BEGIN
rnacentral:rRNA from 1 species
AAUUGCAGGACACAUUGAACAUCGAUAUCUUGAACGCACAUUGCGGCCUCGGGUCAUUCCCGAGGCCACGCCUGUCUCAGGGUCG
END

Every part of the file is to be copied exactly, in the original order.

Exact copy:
rnacentral:rRNA from 1 species
AAUUGCAGGACACAUUGAACAUCGAUAUCUUGAACGCACAUUGCGGCCUCGGGUCAUUCCCGAGGCCACGCCUGUCUCAGGGUCG